Fresh faces

Jen Kober
Jen Kober

If you still have never heard of the Laugh Your Asheville Off Festival, Asheville’s premiere celebration of stand-up comedy, the joke’s on you.

The festival, now in its seventh year, runs from Aug.13 through Aug. 17 at a variety of locations downtown. The event was conceived by producer Charlie Gerencer and producer/stand-up comedian Greg Brown as a way to fill a void in the representation of comedy in the Asheville area, and they’ve played a major role in fostering the city’s scene through the development of the festival.

“I didn’t overanalyze it or anything,” Brown says. “I just kind of assumed that comedy should be here, and we’ve done our best ever since then to make it happen. And now I think there’s stand-up comedy represented seven nights a week in Asheville, so apparently our instincts were correct that it lacked that art form.”

In the festival’s salad days, comedians were drawn mainly from Charlotte, Atlanta, Richmond and Raleigh. Nowadays, the festival attracts comedians from across the country, including many talented performers with whom audiences may be unfamiliar.

“We’ve had some of the biggest names in comedy in the past. But we have the luxury of having an artistic town that appreciates an eclectic show, and so we’ve decided to use it as an opportunity to put on one of the country’s biggest ‘new faces’ events,” Gerencer says. “Bringing in big acts is completely doable, but every other comedy festival in the world does that. We actually expose and promote and sell tickets to new faces of comedy.”

This year also marks the first ever inclusion of the Flick My Clip Film Festival, a touring comedy-shorts festival developed by Ohio comedian Ryan Singer. Flick My Clip showcases comedy shorts submitted by budding humorists and represents a new development in the continual expansion of Laugh Your Asheville Off’s scope.

“Each year we try to add something new to the festival, whether it’s a storyteller session or a magic show and comedy or something. I think this was one of the parts of the puzzle we’d like to have,” Brown says. “Ryan Singer, one of the more talented comics that I’ve come across, will kind of be heading up that. He’s very passionate about short comedy clips, and it’s a new kind of form of media, and I think it’s something special that could really kind of take off.”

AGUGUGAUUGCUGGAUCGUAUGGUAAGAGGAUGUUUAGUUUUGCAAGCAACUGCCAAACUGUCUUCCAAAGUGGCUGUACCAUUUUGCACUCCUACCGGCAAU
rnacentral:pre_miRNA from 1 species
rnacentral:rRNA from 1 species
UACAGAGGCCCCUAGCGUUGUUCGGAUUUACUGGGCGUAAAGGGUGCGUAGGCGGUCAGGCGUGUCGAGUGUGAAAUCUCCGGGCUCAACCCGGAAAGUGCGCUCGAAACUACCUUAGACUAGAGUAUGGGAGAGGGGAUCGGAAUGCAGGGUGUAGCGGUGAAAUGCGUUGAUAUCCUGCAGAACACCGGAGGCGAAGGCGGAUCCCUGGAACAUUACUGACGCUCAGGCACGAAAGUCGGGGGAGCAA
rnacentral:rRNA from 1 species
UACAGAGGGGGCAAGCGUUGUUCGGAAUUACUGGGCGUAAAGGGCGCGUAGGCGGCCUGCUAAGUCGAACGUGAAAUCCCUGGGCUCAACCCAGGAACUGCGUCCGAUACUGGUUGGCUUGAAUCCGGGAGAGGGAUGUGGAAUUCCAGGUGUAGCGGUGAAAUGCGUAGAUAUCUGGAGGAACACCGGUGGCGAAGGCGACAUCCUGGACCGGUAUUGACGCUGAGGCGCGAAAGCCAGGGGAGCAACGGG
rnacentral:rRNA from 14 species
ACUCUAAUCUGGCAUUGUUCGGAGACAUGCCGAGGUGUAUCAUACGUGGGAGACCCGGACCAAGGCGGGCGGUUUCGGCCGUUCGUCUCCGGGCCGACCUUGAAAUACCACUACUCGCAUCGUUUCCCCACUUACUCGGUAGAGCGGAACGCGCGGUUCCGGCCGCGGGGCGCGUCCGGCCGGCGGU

Ultimately, what attracts both comedians and audiences to Laugh Your Asheville Off is the festival’s honest appreciation for the craft. The festival is noncompetitive, and instead provides an opportunity for fans to connect with new comics and vice versa.

“Comics are particularly fond of what it is that we do,” Gerencer says. “We get emails every year about how it’s the best week of their year when they come into town because we don’t judge them, and we don’t ask the audience to judge them. We actually produce quality comedy shows with great audiences, so that’s why they love it.”

Jen Kober: Louisiana woman

Jen Kober hails from Louisiana, and she isn’t shy about it either.

“I had such a crazy family, and I have a big Southern mama who’s really outspoken,” Kober says. “I think that so much of my material comes from me talking about life here in the South and kind of what it is to grow up here and to live here. It kind of filters everything I do.”

But she feels her Southern roots will be right at home in Asheville.

“I think that crowds that might be a little more political or might be a little more into the hippie scene — those audiences are pretty informed,” Kober says. “I love going where everybody’s mind is kind of open and I can take it maybe a little further than I would in a place that is more conservative.”

While LYAO audiences might recognize her from guest appearances on Curb Your Enthusiasm, Anger Management and The Mindy Project, Kober has been changing things up with some more dramatic roles. She played a lawyer on HBO’s Hurricane Katrina drama, Treme, and will be in the upcoming film Paranoia with Richard Dreyfuss and Liam Hemsworth.